Is abortion ever necessary to “save the life of the mother”?


It’s dropped on a daily basis: Abortion should not be legal except in cases where the life of the mother is threatened by the pregnancy. But should it?

Politicians who do not affirm the legitimacy of abortion under these circumstances are written off as straight-up lunatics. Who could be so callous, opponents ask, as to deny life to a pregnant woman whose life is threatened by her pregnancy? The truth is, there is one massive misconception about the “life of the mother” exception: the belief that abortion is sometimes necessary to save the life of the mother.

The abortion procedure is not – ever – necessary to save the life of a mother. There are, however, maternal health risks that require a treatment that cause the unfortunate, indirect, and unintentional death of an unborn child. For instance, in life-threatening ectopic pregnancies that require removal of a Fallopian tube, the pregnancy (including the unborn child) will be removed along with the Fallopian tube. The intention in this procedure is first and foremost to save the life of the mother, and in order to do so, a physician must perform a procedure that indirectly causes the death of her unborn child.

This is not an abortion. Furthermore, a true abortion – in which the direct intention is to end the life of a human being – is not a treatment for any type of maternal health risk. Abortions never save mothers, but procedures which by their nature may indirectly lead to a child’s death sometimes save the life of the mother.

The Association of Pro-Life Physicians, whose mission is to practice pro-life medical ethics as the only legitimate means of living out the do no harm clause of the Hippocratic Oath, clarified the subject with the following statement, which can be found within its broader context here:

We find it extremely unfortunate that many pro-lifers have regarded the health of the mother to be a consideration in whether or not she should have the right to terminate the life of her pre-born baby.  Politicians who herald the title “pro-life” on the campaign trail frequently tout this health exception, as well as exceptions for rape and incest, as pragmatic compromises that will not offend political moderates and not alienate the pro-life community.  We do not consider this compromise consistent with pro-life Hippocratic principles at all.  To intentionally kill or condone the intentional killing of one innocent human being precludes one from being considered “pro-life” at all.  A murderer of one person is not any less a murderer if he allows thousands to live, nor if he saves thousands from dying!

When the life of the mother is truly threatened by her pregnancy, if both lives cannot simultaneously be saved, then saving the mother’s life must be the primary aim.  If through our careful treatment of the mother’s illness the pre-born patient inadvertently dies or is injured, this is tragic and, if unintentional, is not unethical and is consistent with the pro-life ethic.  But the intentional killing of an unborn baby by abortion is never necessary.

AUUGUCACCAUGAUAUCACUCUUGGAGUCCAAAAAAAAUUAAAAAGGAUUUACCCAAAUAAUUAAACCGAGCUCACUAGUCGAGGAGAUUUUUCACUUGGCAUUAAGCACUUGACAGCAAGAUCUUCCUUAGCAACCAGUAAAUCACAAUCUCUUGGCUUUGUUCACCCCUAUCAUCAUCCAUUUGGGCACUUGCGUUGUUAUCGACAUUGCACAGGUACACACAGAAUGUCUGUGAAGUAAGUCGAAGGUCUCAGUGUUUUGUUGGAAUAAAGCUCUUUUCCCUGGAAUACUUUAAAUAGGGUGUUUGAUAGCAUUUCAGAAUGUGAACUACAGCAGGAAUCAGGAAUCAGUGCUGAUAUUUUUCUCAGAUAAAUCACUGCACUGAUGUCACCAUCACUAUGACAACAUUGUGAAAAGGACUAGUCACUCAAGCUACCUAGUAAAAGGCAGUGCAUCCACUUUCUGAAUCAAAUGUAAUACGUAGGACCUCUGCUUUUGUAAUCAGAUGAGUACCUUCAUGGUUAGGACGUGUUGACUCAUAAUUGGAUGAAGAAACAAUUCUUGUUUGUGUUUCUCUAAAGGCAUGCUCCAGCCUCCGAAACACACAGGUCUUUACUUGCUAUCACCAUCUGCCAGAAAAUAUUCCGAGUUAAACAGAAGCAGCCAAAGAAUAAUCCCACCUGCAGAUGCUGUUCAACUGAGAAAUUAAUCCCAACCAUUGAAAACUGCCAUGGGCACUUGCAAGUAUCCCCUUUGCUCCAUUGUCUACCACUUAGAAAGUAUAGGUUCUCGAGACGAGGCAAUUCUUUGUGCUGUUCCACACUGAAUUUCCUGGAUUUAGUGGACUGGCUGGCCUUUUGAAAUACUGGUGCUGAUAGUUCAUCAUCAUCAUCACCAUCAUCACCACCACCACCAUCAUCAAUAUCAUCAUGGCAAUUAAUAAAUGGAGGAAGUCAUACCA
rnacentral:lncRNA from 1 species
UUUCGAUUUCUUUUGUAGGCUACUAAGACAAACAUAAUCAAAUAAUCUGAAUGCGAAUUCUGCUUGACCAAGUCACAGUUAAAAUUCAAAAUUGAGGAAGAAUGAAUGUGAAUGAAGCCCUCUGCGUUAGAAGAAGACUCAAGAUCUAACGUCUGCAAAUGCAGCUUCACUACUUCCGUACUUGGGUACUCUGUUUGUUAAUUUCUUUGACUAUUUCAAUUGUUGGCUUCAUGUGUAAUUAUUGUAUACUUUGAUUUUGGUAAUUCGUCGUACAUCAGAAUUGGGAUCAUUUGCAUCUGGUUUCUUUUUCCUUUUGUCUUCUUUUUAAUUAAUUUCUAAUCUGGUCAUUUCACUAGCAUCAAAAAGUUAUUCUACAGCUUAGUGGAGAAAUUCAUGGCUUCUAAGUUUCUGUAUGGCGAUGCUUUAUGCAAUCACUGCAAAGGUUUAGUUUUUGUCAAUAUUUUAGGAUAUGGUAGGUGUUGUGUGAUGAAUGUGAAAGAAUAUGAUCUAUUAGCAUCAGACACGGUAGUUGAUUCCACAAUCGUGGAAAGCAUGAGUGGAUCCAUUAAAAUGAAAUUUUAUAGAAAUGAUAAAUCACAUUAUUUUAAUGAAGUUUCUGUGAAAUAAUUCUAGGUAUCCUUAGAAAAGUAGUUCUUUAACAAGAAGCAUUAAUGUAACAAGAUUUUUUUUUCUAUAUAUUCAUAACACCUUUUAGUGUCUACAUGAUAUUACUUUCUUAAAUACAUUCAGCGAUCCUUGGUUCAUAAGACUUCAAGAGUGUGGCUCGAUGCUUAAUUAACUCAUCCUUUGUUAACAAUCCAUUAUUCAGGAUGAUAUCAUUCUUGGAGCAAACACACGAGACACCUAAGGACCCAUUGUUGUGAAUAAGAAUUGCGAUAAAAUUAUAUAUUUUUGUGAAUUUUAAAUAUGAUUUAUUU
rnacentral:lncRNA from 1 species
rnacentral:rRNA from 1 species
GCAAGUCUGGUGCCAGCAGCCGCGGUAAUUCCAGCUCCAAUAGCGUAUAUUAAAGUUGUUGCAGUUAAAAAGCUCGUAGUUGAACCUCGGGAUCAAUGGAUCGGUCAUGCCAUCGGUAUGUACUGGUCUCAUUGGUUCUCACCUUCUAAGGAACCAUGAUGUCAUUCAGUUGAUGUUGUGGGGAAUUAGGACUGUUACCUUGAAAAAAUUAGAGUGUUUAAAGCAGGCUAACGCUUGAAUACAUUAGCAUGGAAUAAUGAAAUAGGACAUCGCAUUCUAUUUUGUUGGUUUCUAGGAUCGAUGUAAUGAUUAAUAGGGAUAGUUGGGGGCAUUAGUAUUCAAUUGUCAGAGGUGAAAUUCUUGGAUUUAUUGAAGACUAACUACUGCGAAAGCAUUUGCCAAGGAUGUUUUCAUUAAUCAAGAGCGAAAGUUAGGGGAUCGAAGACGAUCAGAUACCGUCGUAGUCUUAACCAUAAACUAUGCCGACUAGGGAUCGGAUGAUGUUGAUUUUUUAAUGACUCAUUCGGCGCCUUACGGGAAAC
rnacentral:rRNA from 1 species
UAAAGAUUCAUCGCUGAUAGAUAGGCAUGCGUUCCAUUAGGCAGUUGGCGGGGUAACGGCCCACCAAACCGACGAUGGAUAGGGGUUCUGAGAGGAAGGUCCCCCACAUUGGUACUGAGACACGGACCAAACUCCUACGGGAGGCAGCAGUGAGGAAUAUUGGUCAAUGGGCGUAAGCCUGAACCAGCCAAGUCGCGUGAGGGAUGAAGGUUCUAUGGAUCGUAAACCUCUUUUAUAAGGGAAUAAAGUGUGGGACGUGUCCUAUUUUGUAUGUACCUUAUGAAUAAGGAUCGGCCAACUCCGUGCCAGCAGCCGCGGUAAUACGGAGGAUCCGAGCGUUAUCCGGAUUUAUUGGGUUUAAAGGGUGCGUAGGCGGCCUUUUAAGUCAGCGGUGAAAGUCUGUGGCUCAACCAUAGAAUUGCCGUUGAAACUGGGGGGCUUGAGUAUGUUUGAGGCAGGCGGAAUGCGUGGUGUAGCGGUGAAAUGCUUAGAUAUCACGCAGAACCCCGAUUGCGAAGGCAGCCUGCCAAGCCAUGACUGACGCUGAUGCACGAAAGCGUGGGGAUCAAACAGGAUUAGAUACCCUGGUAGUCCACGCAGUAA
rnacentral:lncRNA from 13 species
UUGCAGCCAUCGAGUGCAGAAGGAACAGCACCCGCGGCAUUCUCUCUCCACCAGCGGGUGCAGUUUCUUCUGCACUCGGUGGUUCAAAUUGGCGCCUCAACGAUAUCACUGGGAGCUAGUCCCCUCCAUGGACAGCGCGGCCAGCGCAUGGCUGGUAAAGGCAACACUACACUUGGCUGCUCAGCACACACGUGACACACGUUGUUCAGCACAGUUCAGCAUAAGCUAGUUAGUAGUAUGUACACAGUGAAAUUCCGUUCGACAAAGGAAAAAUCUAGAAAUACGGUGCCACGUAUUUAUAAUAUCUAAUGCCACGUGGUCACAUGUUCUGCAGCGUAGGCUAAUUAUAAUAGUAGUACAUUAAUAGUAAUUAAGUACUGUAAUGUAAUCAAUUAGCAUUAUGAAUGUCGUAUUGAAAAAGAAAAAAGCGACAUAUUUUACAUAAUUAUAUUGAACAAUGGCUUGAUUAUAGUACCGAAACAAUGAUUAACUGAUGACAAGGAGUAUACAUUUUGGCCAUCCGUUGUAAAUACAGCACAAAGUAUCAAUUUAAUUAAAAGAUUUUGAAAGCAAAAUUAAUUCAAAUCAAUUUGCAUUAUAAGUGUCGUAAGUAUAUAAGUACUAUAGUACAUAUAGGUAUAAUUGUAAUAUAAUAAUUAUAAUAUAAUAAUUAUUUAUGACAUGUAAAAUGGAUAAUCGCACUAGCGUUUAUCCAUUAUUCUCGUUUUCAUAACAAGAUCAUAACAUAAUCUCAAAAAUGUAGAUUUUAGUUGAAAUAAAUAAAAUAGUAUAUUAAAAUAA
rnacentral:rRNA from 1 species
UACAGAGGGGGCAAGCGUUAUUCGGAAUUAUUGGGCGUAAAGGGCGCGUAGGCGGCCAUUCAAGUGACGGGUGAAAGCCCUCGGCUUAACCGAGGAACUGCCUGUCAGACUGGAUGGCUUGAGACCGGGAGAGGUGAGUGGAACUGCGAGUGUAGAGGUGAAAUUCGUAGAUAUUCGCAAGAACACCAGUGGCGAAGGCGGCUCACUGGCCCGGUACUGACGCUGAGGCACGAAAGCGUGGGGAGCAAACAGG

Most of what passes as a therapeutic, or medically-necessary abortion, is not necessary at all to save the mother’s life.  For example, if a mother has breast cancer and requires immediate chemotherapy to survive that can kill the baby, the physician will frequently recommend a therapeutic abortion.  Another example: if a mother has life-threatening seizures that can only be controlled by medication that will kill or severely deform her unborn child, the physician will frequently prescribe a therapeutic abortion.  In both of these cases, the abortion is not necessary to protect the mother’s health.  The necessary medication may injure or kill the pre-born child, but this is no justification for intentionally killing the child.  If the child is injured or dies from the medication prescribed to the mother to save her life, the injury was unintentional and, if truly medically necessary, not unethical.

Texas Attorney General Greg Abbott, who recently announced his bid to run for Texas governor as pro-life Rick Perry’s successor, was mocked and accused of “waffling” on the issue when he made the following comment:

If you’re really pro-life, you want to save every life, but that also includes the mother’s life. The life of the mother is just as precious as the life of the child.

When asked whether this meant he supported a “life of the mother” abortion exception, he said:

In a way, but you’re in a way kind of mischaracterizing the word. It’s not like an exception. What both the medical community needs to do, and the pro-life community supports, is doing everything we can to protect the life of the mother.

Pro-abortion media has labeled the language of this statement as “gobbledygook,” but it was actually an accurate summary of the pro-life position on the life of the mother. Unlike organizations such as Planned Parenthood, who have proven time and again that maternal health is not their priority, the pro-life community puts maternal health first by condoning any procedure that would save her life. The bottom line, however, is simply this: Abortion is not, and never will be, one of those procedures.

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